Quadriplegics Can Control Exoskeletons with Their Brain

Artificial limbs help people who have lost a part of their arms or legs to regain partial functionality of their extremities. However, for those who have lost control of a major part of their bodies and thus rendered quadriplegic, artificial limbs are not of much use. For addressing such and other whole-body disabilities, exoskeletons are showing great promise.

Scientists working at the Technische Universitat Berlin and Korea University are creating such lower-limb exoskeletons. The control system here is completely hands-free. Rather, it is a brain-to-computer interface, which controls the exoskeleton, by decoding and making use of signals from the wearer’s brain. According to the researchers, volunteers who were given the exoskeleton to use took only a few minutes for learning to operate the system. Therefore, substantially paralyzed people may hope to walk again with the help of this exoskeleton.

Research on such exoskeleton systems is not new and several types are in development and in limited production in many parts of the world. However, most achieve controls by detecting subtle movements in the upper body of the wearer. However, the difference in the KU/TU Berlin unit is the control is entirely dependent on brain signals. Therefore, this is useable even by a completely paralyzed person.

The human brain generates different signals when the person stares at a specific LED. These signals are detected and interpreted to be used for controlling the hands-free exoskeleton. An EEG brain control interface connects wirelessly to the main computer of the control system.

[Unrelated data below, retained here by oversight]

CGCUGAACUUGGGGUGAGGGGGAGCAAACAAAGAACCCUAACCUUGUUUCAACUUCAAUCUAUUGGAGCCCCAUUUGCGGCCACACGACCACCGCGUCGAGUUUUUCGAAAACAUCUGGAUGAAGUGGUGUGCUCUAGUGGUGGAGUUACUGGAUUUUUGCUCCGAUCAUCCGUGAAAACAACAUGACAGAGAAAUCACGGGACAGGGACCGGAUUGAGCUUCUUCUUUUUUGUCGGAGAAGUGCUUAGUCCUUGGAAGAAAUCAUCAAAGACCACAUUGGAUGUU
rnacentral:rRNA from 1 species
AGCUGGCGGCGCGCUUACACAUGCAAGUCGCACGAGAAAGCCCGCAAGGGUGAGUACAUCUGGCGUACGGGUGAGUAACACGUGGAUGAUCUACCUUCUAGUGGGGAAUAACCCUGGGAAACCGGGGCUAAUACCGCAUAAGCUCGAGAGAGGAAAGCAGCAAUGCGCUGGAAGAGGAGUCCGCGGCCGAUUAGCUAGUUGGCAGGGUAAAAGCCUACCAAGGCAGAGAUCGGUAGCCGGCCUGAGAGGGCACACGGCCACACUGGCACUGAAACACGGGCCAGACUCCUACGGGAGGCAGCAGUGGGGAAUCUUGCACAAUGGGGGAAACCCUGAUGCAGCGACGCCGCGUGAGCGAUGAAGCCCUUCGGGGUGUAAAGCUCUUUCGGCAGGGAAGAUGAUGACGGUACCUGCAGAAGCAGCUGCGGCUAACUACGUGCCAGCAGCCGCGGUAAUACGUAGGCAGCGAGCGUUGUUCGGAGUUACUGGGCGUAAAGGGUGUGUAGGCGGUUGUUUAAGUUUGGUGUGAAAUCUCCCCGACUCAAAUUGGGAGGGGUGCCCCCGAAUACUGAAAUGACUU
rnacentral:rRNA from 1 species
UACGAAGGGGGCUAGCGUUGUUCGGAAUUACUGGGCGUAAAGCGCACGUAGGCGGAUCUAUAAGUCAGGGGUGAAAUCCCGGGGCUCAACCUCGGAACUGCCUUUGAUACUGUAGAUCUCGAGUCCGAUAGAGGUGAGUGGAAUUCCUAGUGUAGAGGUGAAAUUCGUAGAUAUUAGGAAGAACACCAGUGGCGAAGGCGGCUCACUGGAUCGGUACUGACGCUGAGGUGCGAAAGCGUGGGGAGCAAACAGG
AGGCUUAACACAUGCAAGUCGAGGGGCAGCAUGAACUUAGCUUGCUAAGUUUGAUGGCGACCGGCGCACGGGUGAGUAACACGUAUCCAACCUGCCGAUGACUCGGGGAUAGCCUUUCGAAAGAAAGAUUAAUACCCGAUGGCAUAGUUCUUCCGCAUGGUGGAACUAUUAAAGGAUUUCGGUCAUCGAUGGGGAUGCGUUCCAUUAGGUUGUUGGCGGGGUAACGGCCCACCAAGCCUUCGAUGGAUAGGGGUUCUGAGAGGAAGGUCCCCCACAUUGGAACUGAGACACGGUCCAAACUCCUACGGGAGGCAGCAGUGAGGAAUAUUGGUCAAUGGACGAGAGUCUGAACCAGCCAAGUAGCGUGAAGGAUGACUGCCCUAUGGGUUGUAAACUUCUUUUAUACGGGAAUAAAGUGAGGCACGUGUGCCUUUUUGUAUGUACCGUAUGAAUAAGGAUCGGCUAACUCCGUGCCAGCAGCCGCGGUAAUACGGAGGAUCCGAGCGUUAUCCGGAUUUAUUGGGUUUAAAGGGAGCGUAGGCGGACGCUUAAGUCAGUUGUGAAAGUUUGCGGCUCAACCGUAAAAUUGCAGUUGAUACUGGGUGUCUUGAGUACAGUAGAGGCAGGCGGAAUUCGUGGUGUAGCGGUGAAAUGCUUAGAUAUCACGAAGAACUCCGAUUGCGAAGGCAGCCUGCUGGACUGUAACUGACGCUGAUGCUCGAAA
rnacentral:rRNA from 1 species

In actual practice, the wearer stares at any one of five flashing LEDs. This initiates waves in the wearer’s brain and an electroencephalogram or EEG worn as a cap reads the signals. Because each LED flashes at a different rate, focusing on any one at a time produces a specific signal pattern in the brain of the user corresponding to a desired mode of movement. The computer system interprets the readings of these signals sent to it from the EEG cap and converts them to system instructions for operating the exoskeleton.

As this method of control does not require detection of movement from any other body part, it is eminently suitable for even those who have lost the capacity for voluntary body control, except for eye movements. Ordinarily, such people would not be able to use or control a standard exoskeleton. According to the researchers, their system has a much better signal-to noise ratio.

The brain generates signals depending on external signals it receives from its surroundings. This acts like noise to the actual control signal desired for movement. By concentrating on a flashing LED, the researchers are effectively separating the user’s brain control signals from being cluttered with external stimuli. The result is a more accurate exoskeleton operation than what a conventional hard-wired system could have achieved.

Exoskeleton systems are notorious for creating loss of electrical noise, especially affecting the EEG signals. However, the frequency of the flickering LED acts as a filter to separate the EEG signal effectively. This exoskeleton system helps people with high spinal cord injuries or those with motor neuron disease who face difficulties in communicating or using their limbs.